“Something as simple as a wonderful meal can change the lives of a community’s most vulnerable youth,” Houser says. “It’s a unique opportunity to engage two populations that may have not ever crossed paths.”

Photo courtesy of Café Momentum.

Learning a hard lesson 

In 2007, the burgeoning chef had just bought into a high-end Dallas restaurant when the economy tanked. Despite the recession, Houser was able to grow the business by 40 percent and was named one of the best up-and-coming chefs in the city.

After a successful first year, Houser was asked to teach young men at a juvenile detention center how to make ice cream. All preconceived notions he had of the law-breaking teens melted as soon as he met them.

“I had stereotyped them before I even met them and realized I was wrong,” Houser admits. “I thought I was a better person. I was confronted with the reality face to face and that led to a sense of shame and then a sense of humility. I was teaching them how to make ice cream, but, more importantly, I listened.”

The chef volunteered at juvenile facilities in Dallas to better understand the people occupying them and to figure out a way he could use his kitchen skills to help stop the cycle of crime and poverty.

“They didn’t just need a job — that’s like putting a Band-Aid on a waterfall,” Houser says. “They needed a consistent and stable environment to go from a life of surviving to a life that’s thriving. For me, Café Momentum has to be an ecosystem of support to address all issues and barriers. We have to get to the root cause of their problems if we’re going to be able to provide space for them to flourish.”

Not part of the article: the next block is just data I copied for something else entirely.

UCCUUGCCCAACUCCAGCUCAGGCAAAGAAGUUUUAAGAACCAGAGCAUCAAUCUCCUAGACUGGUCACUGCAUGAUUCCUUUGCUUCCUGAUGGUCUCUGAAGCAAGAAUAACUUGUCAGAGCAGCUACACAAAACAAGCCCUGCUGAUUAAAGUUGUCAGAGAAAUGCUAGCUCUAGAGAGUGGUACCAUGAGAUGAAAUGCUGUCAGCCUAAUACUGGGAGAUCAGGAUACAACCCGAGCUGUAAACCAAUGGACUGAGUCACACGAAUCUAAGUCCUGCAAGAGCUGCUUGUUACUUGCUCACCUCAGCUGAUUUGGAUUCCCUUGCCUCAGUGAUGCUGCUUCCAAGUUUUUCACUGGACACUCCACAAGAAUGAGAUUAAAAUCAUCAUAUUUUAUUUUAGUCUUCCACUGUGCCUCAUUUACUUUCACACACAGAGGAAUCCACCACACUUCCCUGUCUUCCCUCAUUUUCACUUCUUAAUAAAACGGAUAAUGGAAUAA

In 2013, Houser stepped away from his trendy eatery to focus fully on Café Momentum.

At first, the idea was met with a lot of skepticism. Some critics even told Houser that his employees would probably use their kitchen knives to stab each other rather than chop vegetables. The punks, they said, wanted nothing more than a paycheck, not a career.

That marginalization didn’t sit well with Houser.

“How is a young person supposed to think their life has value when over and over again society tells them it doesn’t?” he says. “It’s one thing to tell kids you believe in them; it’s another to show them.”

Beyond the culinary praise, Café Momentum is bolstered by the success of its graduates. One participant was the first person in his family to graduate from high school. Another landed a NASA internship.

Photo courtesy of Café Momentum.

Life skills

In 2016, Demondric Pratt’s probation officer recommended Café Momentum to push him in the right direction.

While learning the ins and outs of the culinary world, Pratt gained valuable life skills that he never mastered before, such as how to talk to people, how to receive positive and negative feedback, and how to be empathetic.

Today, the 21-year-old is a cook and cashier at Ruthie’s Food Truck Fueled By Café Momentum, the organization’s mobile unit. His goal is to pursue a culinary arts degree at College El Centro Campus in Dallas.

“To be quite honest, if I never got involved or heard about Café Momentum, I would still be making bad decisions, still getting in trouble,” says Pratt, who also serves as a Momentum Advisory Collective ambassador. “My advice to young people is to keep their heads up. Don’t think it’s the end of the world, because it’s not. There is someone out there to help you. All you got to do is reach out. Don’t be ashamed to tell people what you’re going through and what you need help with. The help is there.”